Truth and Advertising: The Lanham Act and Commercial Speech Doctrine

TRADEMARK LAW AND THEORY: A HANDBOOK OF CONTEMPORARY RESEARCH, Graeme B. Dinwoodie and Mark D. Janis, eds., Elgar, 2008

39 Pages Posted: 17 Sep 2007

Abstract

The Lanham Act and its state counterparts in trademark and unfair competition law regulate speech in ways inconsistent with the current thrust of Supreme Court's commercial speech doctrine. The lines between confusing and informative uses of trademarks and between true and false advertising claims are difficult to draw, in ways that in other contexts - particularly libel doctrine - have led courts to impose increasing burdens on plaintiffs and regulators. I will discuss the First Amendment implications of distinguishing truth from falsity in commercial speech, applied to trademark infringement and to other types of false advertising. In addition, on a somewhat different note, I will consider trademark dilution, arguing that even a dilution law limited to classic nonconfusing uses of a famous mark on noncompeting goods is constitutionally deficient.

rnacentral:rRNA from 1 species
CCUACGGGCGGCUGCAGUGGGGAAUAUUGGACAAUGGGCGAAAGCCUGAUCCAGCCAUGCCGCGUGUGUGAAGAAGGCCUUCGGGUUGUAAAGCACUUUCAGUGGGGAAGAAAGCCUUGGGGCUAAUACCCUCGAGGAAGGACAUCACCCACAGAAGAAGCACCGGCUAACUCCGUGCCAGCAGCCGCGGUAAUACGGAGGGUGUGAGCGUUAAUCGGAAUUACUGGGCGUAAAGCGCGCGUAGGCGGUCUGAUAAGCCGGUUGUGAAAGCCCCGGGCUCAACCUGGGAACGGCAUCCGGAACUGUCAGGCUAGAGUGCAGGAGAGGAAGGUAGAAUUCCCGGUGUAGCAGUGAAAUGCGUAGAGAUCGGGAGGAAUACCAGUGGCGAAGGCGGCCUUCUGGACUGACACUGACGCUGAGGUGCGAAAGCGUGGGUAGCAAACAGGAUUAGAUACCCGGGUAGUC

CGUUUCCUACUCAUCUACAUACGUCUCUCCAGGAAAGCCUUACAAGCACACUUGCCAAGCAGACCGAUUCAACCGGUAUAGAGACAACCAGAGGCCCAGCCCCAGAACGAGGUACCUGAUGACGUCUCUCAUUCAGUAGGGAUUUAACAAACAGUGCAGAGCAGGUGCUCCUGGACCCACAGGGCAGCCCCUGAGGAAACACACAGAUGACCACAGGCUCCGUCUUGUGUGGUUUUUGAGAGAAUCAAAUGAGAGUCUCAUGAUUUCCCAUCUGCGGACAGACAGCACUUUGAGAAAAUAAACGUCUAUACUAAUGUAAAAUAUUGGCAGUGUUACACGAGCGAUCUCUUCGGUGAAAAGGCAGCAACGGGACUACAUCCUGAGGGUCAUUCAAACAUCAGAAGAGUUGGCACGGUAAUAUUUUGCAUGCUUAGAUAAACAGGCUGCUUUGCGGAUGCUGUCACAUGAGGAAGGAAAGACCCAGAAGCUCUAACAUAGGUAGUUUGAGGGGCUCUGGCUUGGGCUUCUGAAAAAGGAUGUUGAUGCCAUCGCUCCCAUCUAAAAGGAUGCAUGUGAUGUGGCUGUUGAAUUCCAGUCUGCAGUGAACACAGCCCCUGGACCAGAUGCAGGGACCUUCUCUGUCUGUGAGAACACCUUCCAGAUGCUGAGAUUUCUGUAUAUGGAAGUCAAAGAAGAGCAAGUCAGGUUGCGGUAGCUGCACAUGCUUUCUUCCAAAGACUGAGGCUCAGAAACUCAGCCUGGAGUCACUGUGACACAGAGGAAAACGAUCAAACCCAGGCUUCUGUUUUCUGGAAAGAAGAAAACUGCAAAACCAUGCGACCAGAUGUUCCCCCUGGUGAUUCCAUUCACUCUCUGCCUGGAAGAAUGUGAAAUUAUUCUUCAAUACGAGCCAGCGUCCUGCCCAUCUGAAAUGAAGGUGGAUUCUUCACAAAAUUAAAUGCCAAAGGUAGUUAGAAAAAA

Keywords: trademark, false advertising, advertising law, dilution, first amendment, commercial speech

Suggested Citation

Tushnet, Rebecca, Truth and Advertising: The Lanham Act and Commercial Speech Doctrine. Available at SSRN: https://ssrn.com/abstract=1014418

Rebecca Tushnet (Contact Author)

Harvard Law School ( email )

Cambridge, MA
United States

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